Some members of their community alleged the older woman had bewitched ‘Byera’, the wife of ‘Moses’, whose nephew had later formed part of the mob that attacked the mother and daughter.

Early one morning Pelagia and Gerald went out to the family farm. Several people sought them out and took the mother and daughter to the house of Moses, where they found Byera lying naked. She stood up and claimed that Gerald had bewitched her. The two women were then dragged back to their own home, being assaulted all the way.

In their home the kitchen was burnt and the older woman was taken to the farmlands where she was burnt to death. As the judge put it, the killers then went away leaving Pelagia ‘alone, staring at the dead, burned body of her mother’.

The younger woman, who suffered serious burn wounds at the hands of the mob after they dropped melting plastic bottles on her body, was able to phone some local officials to tell them what had happened.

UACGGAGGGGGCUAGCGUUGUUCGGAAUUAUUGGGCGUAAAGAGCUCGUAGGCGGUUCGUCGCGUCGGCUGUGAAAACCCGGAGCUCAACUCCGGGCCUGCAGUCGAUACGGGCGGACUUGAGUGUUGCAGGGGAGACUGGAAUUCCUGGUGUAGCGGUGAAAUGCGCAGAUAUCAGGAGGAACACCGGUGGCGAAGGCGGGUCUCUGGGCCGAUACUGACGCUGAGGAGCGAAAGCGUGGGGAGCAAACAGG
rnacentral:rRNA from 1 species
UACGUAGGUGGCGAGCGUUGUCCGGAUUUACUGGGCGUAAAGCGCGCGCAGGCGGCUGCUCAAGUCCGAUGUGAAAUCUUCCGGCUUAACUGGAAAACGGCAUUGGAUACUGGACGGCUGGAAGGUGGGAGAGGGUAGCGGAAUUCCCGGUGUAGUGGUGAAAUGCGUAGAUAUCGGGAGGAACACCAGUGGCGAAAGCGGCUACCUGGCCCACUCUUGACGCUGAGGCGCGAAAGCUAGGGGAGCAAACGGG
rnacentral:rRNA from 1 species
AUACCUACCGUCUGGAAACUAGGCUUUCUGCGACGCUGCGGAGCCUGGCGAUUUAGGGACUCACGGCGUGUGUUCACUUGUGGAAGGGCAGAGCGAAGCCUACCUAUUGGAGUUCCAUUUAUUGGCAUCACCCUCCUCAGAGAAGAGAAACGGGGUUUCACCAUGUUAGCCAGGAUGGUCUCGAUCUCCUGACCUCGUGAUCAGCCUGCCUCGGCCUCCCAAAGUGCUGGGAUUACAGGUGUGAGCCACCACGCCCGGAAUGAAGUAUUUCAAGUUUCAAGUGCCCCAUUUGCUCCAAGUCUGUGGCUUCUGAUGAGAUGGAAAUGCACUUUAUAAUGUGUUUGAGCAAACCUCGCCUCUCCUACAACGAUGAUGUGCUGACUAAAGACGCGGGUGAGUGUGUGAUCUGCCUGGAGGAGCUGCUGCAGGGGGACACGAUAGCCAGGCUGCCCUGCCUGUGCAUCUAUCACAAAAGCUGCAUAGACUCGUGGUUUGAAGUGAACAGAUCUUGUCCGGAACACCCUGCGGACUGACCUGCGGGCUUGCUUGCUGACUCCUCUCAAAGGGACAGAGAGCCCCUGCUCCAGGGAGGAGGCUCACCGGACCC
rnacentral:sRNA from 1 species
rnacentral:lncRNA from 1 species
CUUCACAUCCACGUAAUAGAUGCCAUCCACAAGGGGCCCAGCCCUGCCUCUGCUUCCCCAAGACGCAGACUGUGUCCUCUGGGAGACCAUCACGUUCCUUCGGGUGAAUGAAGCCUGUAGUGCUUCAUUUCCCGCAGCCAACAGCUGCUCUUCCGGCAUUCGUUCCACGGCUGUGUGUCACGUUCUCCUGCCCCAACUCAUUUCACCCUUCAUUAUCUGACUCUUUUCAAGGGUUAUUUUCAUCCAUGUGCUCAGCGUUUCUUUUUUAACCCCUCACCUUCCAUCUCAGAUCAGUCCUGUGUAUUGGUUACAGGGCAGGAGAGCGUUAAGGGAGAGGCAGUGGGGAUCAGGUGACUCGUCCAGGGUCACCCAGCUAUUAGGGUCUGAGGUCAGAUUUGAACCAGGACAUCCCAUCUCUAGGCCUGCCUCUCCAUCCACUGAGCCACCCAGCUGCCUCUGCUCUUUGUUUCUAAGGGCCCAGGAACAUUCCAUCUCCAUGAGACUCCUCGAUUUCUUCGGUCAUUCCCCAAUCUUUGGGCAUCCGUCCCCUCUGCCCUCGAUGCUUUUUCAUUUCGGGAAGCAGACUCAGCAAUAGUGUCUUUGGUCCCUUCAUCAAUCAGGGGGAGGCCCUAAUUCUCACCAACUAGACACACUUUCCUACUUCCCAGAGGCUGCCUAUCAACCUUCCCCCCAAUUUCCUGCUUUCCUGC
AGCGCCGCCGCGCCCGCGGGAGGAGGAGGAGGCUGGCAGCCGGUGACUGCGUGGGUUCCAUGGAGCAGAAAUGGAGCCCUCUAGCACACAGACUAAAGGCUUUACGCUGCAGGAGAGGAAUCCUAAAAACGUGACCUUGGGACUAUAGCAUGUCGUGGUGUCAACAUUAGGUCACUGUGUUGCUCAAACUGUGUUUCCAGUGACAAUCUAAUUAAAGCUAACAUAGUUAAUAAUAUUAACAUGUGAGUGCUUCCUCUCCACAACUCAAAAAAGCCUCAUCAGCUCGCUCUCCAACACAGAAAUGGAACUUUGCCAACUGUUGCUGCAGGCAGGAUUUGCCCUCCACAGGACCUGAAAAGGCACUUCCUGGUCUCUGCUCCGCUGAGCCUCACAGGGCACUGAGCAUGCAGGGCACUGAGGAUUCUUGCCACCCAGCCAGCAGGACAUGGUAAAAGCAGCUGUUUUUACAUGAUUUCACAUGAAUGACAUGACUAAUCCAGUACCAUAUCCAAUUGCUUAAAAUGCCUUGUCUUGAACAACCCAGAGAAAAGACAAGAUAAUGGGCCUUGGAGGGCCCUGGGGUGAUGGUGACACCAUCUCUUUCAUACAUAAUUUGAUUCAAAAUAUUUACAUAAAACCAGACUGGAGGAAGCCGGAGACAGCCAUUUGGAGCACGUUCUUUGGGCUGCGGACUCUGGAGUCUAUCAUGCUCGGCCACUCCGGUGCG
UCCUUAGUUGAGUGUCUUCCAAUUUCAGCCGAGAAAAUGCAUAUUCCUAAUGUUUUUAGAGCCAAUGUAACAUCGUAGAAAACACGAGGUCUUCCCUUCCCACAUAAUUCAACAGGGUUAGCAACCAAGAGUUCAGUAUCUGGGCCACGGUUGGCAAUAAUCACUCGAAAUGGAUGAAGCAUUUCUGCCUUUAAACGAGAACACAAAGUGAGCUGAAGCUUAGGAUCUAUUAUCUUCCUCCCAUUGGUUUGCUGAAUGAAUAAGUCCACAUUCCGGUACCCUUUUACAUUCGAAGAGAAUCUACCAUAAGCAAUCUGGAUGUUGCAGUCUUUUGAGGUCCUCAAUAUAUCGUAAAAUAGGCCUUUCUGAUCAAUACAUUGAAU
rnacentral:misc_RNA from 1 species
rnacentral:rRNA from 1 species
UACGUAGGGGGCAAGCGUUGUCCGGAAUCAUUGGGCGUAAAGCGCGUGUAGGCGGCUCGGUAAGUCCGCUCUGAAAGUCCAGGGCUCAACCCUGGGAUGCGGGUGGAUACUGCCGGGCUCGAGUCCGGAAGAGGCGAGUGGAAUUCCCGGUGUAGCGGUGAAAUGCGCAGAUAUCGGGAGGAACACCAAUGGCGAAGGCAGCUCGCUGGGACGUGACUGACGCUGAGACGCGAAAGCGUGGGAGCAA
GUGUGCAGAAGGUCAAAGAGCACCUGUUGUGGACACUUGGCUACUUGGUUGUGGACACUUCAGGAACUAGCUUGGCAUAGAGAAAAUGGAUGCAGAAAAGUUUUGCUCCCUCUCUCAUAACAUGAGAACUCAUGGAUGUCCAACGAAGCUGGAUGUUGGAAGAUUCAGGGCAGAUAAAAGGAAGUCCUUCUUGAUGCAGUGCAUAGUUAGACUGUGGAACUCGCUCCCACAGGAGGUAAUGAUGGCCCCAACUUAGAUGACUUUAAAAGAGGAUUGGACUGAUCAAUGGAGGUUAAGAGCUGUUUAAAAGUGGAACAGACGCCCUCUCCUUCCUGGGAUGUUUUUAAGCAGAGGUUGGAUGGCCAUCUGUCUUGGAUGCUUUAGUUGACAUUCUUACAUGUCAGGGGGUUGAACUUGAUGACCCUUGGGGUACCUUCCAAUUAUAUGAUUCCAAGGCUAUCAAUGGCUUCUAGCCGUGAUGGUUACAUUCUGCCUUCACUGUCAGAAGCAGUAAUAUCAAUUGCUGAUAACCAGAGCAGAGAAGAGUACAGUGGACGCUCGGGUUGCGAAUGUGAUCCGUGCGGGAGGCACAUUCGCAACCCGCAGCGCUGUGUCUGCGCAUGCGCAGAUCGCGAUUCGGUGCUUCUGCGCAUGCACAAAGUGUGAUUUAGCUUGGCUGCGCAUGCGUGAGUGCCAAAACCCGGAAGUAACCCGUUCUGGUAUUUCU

Nine were ultimately arrested. Though the mob had been much bigger, the others were never found or arrested.

Legally, perhaps the most unusual feature of this case is that the two assessors found the accused not guilty. But the judge said he disagreed with them, saying they had ‘misapprehended the evidence’ and erred in their conclusion.

The judge then trawled through all the evidence again, paying particular attention to the issues raised by the assessors and explaining why he could not agree. He also spent time discussing one of the accused who had been a minor at the time of his alleged involvement in the murder. Despite his age at the time, however, he was identified at the person who set Gerald alight, using petrol and a bicycle tyre.